Behind The Scenes

Why 97 Orchard Street?

September 19, 2019


In 1988, as Anita Jacobson stepped into an empty storefront on the basement level of 97 Orchard Street, she had already accepted defeat. For two years she had been searching unsuccessfully for an unrestored “Pre-Law” tenement house, one built before the passage of the first Tenement House Act in 1867, to serve as the center of a radical storytelling project. The project itself was the brainchild of Ruth Abram, who wanted to create a museum featuring the role immigrants played in shaping American history. For Ruth, what better site than a tenement to “tell this story of immigrants’ past fully, honestly, with all of its flaws, with all of its’ heroism, and to do it in a way that resonates with people”?

But two years had passed, and even Ruth was resigned to giving up the search for a tenement to house these stories. Though disappointed, Ruth was so committed to the project that she asked Anita to find a storefront from which they could at least tell some of these stories.

Thirty years later, Ruth remembers the day Anita encountered 97 Orchard Street as if it were yesterday. It was a day that changed her life and redefined what a historic house museum could be.

“She got to 97 Orchard Street, with a FOR RENT sign in a former shoe store. And she walked up the stairs and said that we were looking for a storefront. And the landlord woman said, ‘well here, yeah, we do have one available. Here it is.’

And Anita went inside this apartment – this basement apartment that was unheated, essentially – and said, ‘where’s the bathroom?’ And the landlord took her upstairs and showed her the hallway bathroom and the hallway, and Anita almost fainted! Because she realized that she was standing in a Pre-Old Law tenement- the very thing we had looked for. And lo and behold, it backed on Allen Street, which meant that it could have egress that could meet standards for public gatherings. Well! She called me in, so excited, and asked me to come right over. Which I did. And at that point we told the landlord we weren’t going to create a shoe store there, that we were going to create a tenement museum. And she said, ‘Well, my family’s had this since 1905. And we haven’t changed it… and you’ve come home.”


By 1988, Ruth Abram stood atop a mountain of activism. She had already formed progressive coalitions, organized rent strikes, championed civil rights, and worked for the NAACP Legal Defense Fund. In her role as the director of the Women’s Action Alliance, she brought together a coalition of national women’s organizations. Originally a child of the South, having grown up in Atlanta Georgia, Ruth Abram witnessed the injustice and oppression of racial segregation and bigotry. These structural forces moved north with Ruth as she settled into a new life in New York City. Her decades of activism, social work, and outspokenness were rooted in challenging these structural inequalities. So too was the origin of the Tenement Museum.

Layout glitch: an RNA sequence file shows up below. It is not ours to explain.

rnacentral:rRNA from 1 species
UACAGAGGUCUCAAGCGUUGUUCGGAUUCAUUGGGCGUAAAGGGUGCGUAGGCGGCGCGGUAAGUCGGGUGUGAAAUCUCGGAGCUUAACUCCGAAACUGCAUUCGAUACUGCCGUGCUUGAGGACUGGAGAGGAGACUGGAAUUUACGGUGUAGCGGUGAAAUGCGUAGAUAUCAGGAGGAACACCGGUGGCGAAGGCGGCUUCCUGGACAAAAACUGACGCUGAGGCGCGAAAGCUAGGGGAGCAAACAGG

It goes without saying that the Tenement Museum works against historical and contemporary narratives that dehumanize and vilify the newcomers, be they immigrant or migrant. Dedicating a museum site to the stories of people living in poverty, starting a life over in a new place, working and falling out of work, but striving all the while to survive and rise up, was, and remains, a radical concept. But it was only half of Ruth’s vision. In its full scope, that vision is as much about understanding history as it is about the rights of immigrants and migrants, past and present.

A keen observer of the world, and her place in that world, who drew inspiration from history, Ruth saw both the present moment and potential future as anchored to the past. In her 2018 oral history, Ruth explained the genesis of her idea: “A thing that I particularly cared about was a stranger in the land, and I wanted to find a way to engage the public in a conversation about that.” Herself a migrant from the South to New York City, Ruth had a personal connection to the experience of the stranger. Dislocation and disillusionment, together with a sense of optimism and reinvention, inform the stranger’s experience. To the extent that we are all strangers to the past, we encounter these feelings when stepping into a historic recreation.

Rather than shy away from the bewildering sensations of the stranger, Ruth’s vision asked us to immerse ourselves in it:

“You actually enter right into the center of the story. You are standing in the story, which is a very unusual thing. It’s sort of like a family reunion. You go to the family reunion, and you stand in the middle of the room and people come up and tell you stories and… they gossip with you! And we’re gossiping too. And you know, history is organized gossip, and we’re organizing it in an interesting way.

History is a series of stories. So, the fact that we’re telling it as a story, and not as a series of facts and dates, makes it come alive.”

Ruth’s vision strives to connect people to history – not as strangers, but as family. Through personal connections, we can see ourselves as stakeholders in the larger historic narrative. No longer strangers to the past, we see our current moment with a new clarity and move forward with an informed perspective. Ruth’s objective for the Museum was to motivate people to see themselves as active change makers: to remind us that history is not something that simply happens to people, but something we have the power to shape. This idea remains as radical today as it did thirty years ago.